When the Spaniard Julio Iglesias conquered the United States | Culture
One day in August 1986, two men dressed in black arrive at the Pikes Hotel in Ibiza, in the Spanish Balearic Islands, where stars such as George Michael, Grace Jones and Freddie Mercury were staying. The men said they portrayed a “very famous” singer who wanted to be alone for a few weeks: iconic Spanish pop star Julio Iglesias. The singer needed eight rooms (the hotel had 20), and he wanted them for the next day: he would take the private plane to the island after a concert in New York. In Ibiza, he traveled in a caravan of five white cars, and rented a yacht, a sailboat and a speedboat. Iglesias swam in the morning, sunbathed on the high seas and was visited by Hey ! magazine. Every day he ate Galician seafood prepared by private chefs. He was surrounded by women who came and went to his bungalow through a private entrance. The Pikes Hotel was legendary. “If you had a drink at the bar, you were likely to find a line of cokes. Does this mean we are selling? Not at all. Maybe that little extra came with the drink,” said owner Tony Pike. Julio Iglesias seduced the local authorities. Even a Civil Guard officer – who was investigating the hotel for possible drug trafficking – showed up at Freddie Mercury’s 41st birthday party, a party that lasted several days and ended up with a bill including 350 bottles of Moët Chandon and 250 broken glasses.
Julio Iglesias went through all of this without it affecting him. This is according to a new book called Hey! Julio Iglesias and the conquest of America (or, Hey Julio Iglesias and the Conquest of America) by musician and writer Hans Laguna. Everyone quoted in the book agrees that the singer had no interest in cocaine and went to a superhuman effort to meet his media commitments – he always showed up, whether he slept or not the night before. Laguna’s 430-page book looks back on those decisive years, between 1983 and 1985, when Iglesias was at the height of his career and about to conquer the American market.
What emerges from this exhaustively researched book is a celebrity-obsessed person who was desperate to work anywhere in the world. Everything was happening at that time – albums, concerts and a relentless promotional campaign. It was the groundwork that would make him one of the most successful Spanish singers in the world, with over 100 million record sales to his credit. Iglesias himself admitted to being addicted to fame – “if the fish could cheer, I would sing at sea”, he once said. While his right-hand man, manager Alfredo Fraile said: “He suffers from an unhealthy addiction to success.”
“The origins of this obsession go back to his childhood,” Laguna tells Barcelona. According to the author, Iglesias’ parents were not happy together and he learned to read their reactions to please them. “In adolescence, this ability to interpret the requests of others, combined with the desire to stand out. First, as a goalkeeper, then – after a nearly life-threatening accident ended his Real Madrid career [soccer team] — as a singer,” Laguna explains. In the book, Spanish singer Ramón Arcusa tells a story that highlights Iglesias’ discomfort with anonymity. When he moved to Miami, shortly before buying his first private plane, “Julio stopped many women at the airport, smiling asking them if they knew who he was. Almost all Latin American women knew it, but almost none of the American women knew it.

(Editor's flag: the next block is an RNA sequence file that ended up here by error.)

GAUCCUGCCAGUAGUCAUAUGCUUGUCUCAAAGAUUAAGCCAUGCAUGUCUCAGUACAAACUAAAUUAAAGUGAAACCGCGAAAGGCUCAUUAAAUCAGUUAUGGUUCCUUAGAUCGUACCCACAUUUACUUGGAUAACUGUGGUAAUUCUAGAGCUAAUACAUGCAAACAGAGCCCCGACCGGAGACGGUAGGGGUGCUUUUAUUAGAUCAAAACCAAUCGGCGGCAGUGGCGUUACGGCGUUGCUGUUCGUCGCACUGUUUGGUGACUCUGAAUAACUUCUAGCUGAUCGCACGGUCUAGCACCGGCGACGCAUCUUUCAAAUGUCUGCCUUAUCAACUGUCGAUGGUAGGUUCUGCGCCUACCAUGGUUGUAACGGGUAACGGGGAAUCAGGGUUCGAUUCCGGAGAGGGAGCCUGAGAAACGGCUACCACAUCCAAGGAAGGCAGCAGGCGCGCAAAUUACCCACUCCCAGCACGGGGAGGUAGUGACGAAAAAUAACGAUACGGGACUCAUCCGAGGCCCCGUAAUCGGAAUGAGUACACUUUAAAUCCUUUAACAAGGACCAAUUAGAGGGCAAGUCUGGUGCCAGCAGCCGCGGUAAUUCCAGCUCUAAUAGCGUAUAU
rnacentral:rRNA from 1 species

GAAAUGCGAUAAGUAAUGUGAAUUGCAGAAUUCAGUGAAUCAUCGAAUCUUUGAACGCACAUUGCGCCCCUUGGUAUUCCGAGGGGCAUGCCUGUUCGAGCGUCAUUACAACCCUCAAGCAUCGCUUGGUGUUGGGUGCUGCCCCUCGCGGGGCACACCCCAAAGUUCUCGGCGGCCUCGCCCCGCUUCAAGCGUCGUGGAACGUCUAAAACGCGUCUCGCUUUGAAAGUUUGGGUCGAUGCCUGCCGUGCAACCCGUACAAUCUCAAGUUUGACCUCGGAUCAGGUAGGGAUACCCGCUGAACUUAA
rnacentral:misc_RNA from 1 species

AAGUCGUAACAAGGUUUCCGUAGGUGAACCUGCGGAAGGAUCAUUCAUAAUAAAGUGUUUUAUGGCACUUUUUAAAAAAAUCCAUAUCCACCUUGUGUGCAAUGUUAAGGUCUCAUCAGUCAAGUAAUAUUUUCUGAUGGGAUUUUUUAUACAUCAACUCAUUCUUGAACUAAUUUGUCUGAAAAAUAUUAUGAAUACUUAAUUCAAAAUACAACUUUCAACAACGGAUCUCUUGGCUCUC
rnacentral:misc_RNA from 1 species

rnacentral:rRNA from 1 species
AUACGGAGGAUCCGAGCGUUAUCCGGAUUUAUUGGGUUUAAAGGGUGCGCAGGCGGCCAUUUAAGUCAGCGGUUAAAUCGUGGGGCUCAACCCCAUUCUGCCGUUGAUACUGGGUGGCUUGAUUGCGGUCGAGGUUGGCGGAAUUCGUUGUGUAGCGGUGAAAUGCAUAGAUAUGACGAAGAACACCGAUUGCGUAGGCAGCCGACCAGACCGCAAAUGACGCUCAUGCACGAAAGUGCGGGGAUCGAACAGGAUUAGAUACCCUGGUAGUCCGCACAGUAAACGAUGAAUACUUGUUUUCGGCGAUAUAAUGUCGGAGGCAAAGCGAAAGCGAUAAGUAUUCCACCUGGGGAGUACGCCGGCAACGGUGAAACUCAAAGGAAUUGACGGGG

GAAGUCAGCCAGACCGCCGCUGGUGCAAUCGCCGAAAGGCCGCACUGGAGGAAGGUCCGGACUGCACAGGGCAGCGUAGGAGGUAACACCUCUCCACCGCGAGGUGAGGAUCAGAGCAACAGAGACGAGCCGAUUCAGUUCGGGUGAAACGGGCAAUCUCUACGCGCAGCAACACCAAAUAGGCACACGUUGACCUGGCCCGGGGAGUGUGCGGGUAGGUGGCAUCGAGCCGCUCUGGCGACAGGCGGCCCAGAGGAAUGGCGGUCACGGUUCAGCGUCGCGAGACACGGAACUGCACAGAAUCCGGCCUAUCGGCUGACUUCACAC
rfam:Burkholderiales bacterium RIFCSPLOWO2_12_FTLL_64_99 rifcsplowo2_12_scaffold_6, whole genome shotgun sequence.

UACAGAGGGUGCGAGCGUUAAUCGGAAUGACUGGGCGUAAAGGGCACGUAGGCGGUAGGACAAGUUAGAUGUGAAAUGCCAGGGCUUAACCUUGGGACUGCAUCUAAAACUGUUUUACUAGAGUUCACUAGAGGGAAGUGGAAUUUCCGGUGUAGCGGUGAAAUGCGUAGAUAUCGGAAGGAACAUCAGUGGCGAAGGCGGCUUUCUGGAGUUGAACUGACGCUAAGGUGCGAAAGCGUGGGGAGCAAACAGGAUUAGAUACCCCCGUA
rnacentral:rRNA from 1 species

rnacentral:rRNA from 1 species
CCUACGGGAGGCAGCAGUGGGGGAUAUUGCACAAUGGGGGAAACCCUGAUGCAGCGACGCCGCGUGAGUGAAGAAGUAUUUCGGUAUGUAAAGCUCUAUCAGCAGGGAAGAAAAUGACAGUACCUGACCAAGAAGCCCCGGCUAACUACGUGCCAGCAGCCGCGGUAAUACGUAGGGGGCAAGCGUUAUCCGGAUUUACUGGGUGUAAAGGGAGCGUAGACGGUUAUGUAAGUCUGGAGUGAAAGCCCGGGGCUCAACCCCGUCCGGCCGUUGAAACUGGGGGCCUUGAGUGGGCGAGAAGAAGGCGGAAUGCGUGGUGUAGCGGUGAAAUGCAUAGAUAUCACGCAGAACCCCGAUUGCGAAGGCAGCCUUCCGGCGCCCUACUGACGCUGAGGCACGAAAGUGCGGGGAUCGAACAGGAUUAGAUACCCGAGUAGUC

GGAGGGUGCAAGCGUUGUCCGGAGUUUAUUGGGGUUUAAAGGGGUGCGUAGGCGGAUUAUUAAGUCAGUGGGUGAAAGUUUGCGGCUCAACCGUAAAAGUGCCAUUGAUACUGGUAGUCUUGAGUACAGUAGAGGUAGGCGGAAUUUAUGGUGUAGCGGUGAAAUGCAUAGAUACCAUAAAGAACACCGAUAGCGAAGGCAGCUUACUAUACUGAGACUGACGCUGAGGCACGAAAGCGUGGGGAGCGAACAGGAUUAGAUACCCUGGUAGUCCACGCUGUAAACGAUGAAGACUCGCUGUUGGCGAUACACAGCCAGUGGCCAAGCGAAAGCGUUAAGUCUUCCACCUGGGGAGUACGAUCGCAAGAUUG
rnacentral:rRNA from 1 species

“Julio always comes up with the same version of himself, which is also his best version,” says Laguna. It has three maestros: Frank Sinatra, Nat King Cole and Elvis Presley. “They have style. You recognize them at the first beat,” Iglesias said on one occasion. “When the style is there, the voice is secondary. The voice doesn’t have to be perfect. perfectly tuned has no emotion or meaning.The voice must be personal.
According to Laguna, Iglesias’ style stemmed from his ability – not only to stay out of trouble – but also to use “his vocal technique to make the difficult easier”. And that’s why knock like Ovided me to live (or, I forgot to live), Hey and From nina to mujer (or, Girl to Woman) cover at least one octave. “This range is far from what singers with huge vocal ranges like Axl Rose or Mariah Carey can cover. But if you start singing the songs, you will find that you have to shout to reach certain notes that Julio attacks without flinching and without falsetto”, writes Laguna.
In 2017, after years of media attention, Iglesias admitted to saying “a lot of nonsense”, explaining “they interview me every day and it’s impossible not to say [nonsense].” When the singer looks back on this era, when he conquered the American market, made advertisements for Coca-Cola and lived at 1100 Bel Air Place – the title of his first album in English -, he describes them as the most hectic. of his career, a time when he was “very mean” and was somewhere “between an asshole and a playboy”. In an interview with Spanish national broadcaster TVE, Iglesias even said he wanted his epitaph to read: “He stopped dreaming when he could buy his dreams.”
The Scrapbook 1100 Place Bel-Air was recorded over 16 months in nine studios. According to Laguna, nine musical arrangers, 12 sound engineers and 79 instrumentalists took part in the recording. “Modern music has a home in today’s world. And that country is the United States. Now you have to sing in English to get there, where I want to be,” Iglesias said on one occasion. “I belong to the country where I sing. If they ask me where I’m from in China, I’ll say I’m Chinese.
The book documents the Spanish artist’s rise to worldwide success. It features thoughts and ideas from musicians, managers, and other members of the singer’s entourage. As Iglesias himself once said, “Life has been very generous to me, and the light has hit me like a deer in headlights.”